Promotional campaigns and advertising is a constantly evolving world where most of the times the line that separates success and failure is too thin. There are too many factors taking part on it, sometimes it is impossible to analyze why campaigns that apparently look similar get way too different results. If we take into account what kind of impact those campaigns have in several countries (even if it’s not an international campaign), analyzing the repercussion of a campaign gets quite complicated.
That’s why it is interesting to analyze thoroughly the background of campaigns that have had a positive reception in foreign countries, mainly thanks to social media. In other words: Facebook, Instagram and Twitter.
It doesn’t have to be necessarily huge promotions involving big companies like McDonalds or Coca Cola, investing thousands of dollars in advertising.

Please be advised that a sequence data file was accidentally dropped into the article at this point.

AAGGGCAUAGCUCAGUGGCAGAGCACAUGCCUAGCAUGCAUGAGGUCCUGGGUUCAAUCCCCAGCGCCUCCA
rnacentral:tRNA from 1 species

Let’s talk about the Rolling Sushi, a large-scale piece of art taking part in an annual event called Osaka Canvas Project. Several local and governmental bodies organized this event with the goal of transforming Osaka, one of the biggest cities in the country, into a big urban artistic setting. Carried out in October, this project involved a great number of artists and the participation of some of the most important creative agencies in Japan. However, if there was a project that drew attention above others, it was the Giant Rolling Sushi Campaign. The advertising agency Class Inc. was elected to be part of the festival due to their innovative idea of turning the Dōtombori Canal, one of the main tourist destinations in Osaka, into a gigantic Conveyor belt Sushi (Kaitenzushi). The idea arose from the popular belief that Conveyor belt Sushi, also called sushi-go-round was invente in Osaka. This city is also well known for its outstanding gastronomic specialities.